The risk of Parkinson’s disease is significantly higher among people with depression than the general population. The severely depressed are at the greatest risk, according to an article published online last week by Neurology, the journal of the American Academy of Neurology. In fact depressed people are three times more likely to develop Parkinson’s than normal individuals.
These conclusions are based on a review of data on more than 560,000 people in Sweden. The more severe the depression, the higher the risk of Parkinson’s. The findings indicate that depression may in fact be a warning sign or even early phase of Parkinson’s, a nervous system disorder marked by tremors, slurred speech, stiffness, an unusual gait and other mobility issues.
“The research endorses the known links between psychiatric and neurological disorders,” said Carol Schramke, an Allegheny General Hospital clinical psychologist who was not involved in the study. In other words, what appears merely to be depression might in fact be a pointer to other far more serious brain-related problems like Parkinson’s, Alzheimer’s, epilepsy or even multiple sclerosis.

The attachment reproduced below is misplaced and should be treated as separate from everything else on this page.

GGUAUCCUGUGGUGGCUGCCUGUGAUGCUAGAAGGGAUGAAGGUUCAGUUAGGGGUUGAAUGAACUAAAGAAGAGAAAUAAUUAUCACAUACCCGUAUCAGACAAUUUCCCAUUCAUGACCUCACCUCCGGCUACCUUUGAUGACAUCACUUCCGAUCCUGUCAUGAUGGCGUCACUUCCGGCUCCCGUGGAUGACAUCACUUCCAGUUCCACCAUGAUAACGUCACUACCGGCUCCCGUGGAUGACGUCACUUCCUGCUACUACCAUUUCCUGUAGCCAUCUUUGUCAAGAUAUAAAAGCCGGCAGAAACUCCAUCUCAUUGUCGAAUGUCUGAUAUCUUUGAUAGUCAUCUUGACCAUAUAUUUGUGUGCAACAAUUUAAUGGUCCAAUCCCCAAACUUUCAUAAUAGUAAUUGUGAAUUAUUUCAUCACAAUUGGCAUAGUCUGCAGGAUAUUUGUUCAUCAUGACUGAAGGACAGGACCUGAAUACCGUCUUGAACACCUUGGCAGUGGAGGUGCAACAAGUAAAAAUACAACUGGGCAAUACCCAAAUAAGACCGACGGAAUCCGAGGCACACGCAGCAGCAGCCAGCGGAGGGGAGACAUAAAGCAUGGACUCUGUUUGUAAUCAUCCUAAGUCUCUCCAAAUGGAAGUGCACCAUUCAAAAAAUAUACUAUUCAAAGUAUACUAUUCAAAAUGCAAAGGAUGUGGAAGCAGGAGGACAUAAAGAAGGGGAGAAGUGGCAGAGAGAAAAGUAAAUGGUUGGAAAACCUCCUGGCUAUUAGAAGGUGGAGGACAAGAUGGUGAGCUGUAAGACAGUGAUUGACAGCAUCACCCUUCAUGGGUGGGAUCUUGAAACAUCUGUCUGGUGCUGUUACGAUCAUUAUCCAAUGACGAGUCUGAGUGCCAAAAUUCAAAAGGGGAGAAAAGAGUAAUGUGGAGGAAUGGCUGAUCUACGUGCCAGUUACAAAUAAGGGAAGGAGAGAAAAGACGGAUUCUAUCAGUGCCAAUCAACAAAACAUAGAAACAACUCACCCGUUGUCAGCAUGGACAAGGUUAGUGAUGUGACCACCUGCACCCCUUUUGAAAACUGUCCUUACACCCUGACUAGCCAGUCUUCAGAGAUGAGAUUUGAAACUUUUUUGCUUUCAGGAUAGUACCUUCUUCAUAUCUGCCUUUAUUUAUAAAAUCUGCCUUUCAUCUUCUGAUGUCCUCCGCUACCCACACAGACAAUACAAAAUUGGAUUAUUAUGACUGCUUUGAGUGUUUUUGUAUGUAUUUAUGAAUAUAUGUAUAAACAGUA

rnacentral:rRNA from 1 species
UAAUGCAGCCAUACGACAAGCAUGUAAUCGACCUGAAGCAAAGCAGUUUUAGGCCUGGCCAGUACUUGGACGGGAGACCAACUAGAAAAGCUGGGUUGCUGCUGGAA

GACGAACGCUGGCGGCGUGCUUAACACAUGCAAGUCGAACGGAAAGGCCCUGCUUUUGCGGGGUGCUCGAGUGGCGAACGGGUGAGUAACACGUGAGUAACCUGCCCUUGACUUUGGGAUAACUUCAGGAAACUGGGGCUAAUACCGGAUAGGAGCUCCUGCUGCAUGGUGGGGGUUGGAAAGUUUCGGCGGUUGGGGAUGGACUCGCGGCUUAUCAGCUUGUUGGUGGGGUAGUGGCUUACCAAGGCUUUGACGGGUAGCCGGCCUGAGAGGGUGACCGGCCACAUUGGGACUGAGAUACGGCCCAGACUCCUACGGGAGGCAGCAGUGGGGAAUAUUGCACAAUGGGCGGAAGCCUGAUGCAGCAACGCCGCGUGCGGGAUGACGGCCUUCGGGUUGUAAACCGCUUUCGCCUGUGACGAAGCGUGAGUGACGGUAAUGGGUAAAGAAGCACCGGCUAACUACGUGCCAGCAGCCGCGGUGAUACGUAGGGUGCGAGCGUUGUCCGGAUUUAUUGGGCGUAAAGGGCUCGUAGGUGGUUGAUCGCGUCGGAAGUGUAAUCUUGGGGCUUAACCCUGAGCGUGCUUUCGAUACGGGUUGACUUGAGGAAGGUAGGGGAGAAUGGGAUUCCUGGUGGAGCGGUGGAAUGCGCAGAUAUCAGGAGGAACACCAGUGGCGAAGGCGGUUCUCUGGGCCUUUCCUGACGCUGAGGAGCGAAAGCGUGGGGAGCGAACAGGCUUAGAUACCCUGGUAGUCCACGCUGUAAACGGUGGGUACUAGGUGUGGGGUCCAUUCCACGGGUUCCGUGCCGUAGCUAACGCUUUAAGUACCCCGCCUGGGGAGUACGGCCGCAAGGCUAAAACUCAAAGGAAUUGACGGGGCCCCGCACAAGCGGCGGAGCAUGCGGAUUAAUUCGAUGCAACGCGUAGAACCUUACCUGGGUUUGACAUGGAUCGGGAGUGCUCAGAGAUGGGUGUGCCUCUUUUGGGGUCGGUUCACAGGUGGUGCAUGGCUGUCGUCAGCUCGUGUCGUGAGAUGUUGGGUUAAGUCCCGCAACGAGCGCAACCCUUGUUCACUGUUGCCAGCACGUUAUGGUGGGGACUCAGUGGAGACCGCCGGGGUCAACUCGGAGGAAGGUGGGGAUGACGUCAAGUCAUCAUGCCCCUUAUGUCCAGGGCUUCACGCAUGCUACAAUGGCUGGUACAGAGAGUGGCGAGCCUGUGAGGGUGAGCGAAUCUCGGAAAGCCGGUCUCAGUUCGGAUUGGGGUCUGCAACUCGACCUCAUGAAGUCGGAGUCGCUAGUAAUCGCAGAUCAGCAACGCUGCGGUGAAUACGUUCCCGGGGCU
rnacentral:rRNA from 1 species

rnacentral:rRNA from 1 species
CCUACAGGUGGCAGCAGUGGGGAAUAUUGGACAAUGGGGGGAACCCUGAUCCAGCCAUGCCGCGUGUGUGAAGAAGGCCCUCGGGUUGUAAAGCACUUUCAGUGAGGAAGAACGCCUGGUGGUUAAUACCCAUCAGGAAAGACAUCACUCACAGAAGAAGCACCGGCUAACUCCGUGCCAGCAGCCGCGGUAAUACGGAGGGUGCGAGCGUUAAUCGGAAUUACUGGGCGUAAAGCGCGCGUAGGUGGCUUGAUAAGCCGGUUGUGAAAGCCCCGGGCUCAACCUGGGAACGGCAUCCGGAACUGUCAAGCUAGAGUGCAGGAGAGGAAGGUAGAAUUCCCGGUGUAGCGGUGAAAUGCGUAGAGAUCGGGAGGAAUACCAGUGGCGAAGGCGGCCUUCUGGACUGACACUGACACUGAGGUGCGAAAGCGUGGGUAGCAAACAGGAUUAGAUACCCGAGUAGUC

The possibility of a second disorder is particularly strong when a person’s first bout of depression comes returns in life, she said.
While there are no treatments to prevent or cure Parkinson’s, if preventive measures are developed in the future then Schramke said, it might become possible to identify the patients who need intervention. Alessandro Di Rocco, professor of neurology and chief of the Division of Movement Disorders at New York University School of Medicine and NYU Langone Medical Center said the large number of participants and long period over which they were tracked provides strong support for the findings.